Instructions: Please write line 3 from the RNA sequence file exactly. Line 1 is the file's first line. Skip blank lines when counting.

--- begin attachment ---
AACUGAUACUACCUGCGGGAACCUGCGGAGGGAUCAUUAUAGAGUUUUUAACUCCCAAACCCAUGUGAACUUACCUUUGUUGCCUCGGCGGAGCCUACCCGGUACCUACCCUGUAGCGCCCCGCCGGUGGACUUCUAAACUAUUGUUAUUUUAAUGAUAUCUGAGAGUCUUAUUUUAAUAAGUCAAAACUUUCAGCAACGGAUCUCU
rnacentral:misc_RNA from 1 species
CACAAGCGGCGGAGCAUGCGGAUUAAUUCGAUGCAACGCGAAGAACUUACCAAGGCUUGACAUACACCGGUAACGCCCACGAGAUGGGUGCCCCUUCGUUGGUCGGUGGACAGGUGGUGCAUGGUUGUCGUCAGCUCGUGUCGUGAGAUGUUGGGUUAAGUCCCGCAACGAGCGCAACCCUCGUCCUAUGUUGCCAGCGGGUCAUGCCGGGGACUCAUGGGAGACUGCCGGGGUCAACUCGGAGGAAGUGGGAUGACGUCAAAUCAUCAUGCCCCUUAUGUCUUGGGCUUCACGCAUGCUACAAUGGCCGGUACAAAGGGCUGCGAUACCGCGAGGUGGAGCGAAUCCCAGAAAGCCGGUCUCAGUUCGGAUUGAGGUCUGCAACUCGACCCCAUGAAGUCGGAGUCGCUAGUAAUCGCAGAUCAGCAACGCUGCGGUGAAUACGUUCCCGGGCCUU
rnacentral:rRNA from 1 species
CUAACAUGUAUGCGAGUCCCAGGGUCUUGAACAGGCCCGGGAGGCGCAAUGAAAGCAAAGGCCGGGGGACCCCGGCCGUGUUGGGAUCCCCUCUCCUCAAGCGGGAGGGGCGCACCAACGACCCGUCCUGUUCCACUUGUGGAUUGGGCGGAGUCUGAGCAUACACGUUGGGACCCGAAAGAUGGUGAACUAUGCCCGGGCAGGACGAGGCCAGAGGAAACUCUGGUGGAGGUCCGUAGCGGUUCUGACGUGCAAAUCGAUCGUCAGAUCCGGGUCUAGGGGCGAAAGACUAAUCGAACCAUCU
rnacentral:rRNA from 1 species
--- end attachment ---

CACAAGCGGCGGAGCAUGCGGAUUAAUUCGAUGCAACGCGAAGAACUUACCAAGGCUUGACAUACACCGGUAACGCCCACGAGAUGGGUGCCCCUUCGUUGGUCGGUGGACAGGUGGUGCAUGGUUGUCGUCAGCUCGUGUCGUGAGAUGUUGGGUUAAGUCCCGCAACGAGCGCAACCCUCGUCCUAUGUUGCCAGCGGGUCAUGCCGGGGACUCAUGGGAGACUGCCGGGGUCAACUCGGAGGAAGUGGGAUGACGUCAAAUCAUCAUGCCCCUUAUGUCUUGGGCUUCACGCAUGCUACAAUGGCCGGUACAAAGGGCUGCGAUACCGCGAGGUGGAGCGAAUCCCAGAAAGCCGGUCUCAGUUCGGAUUGAGGUCUGCAACUCGACCCCAUGAAGUCGGAGUCGCUAGUAAUCGCAGAUCAGCAACGCUGCGGUGAAUACGUUCCCGGGCCUU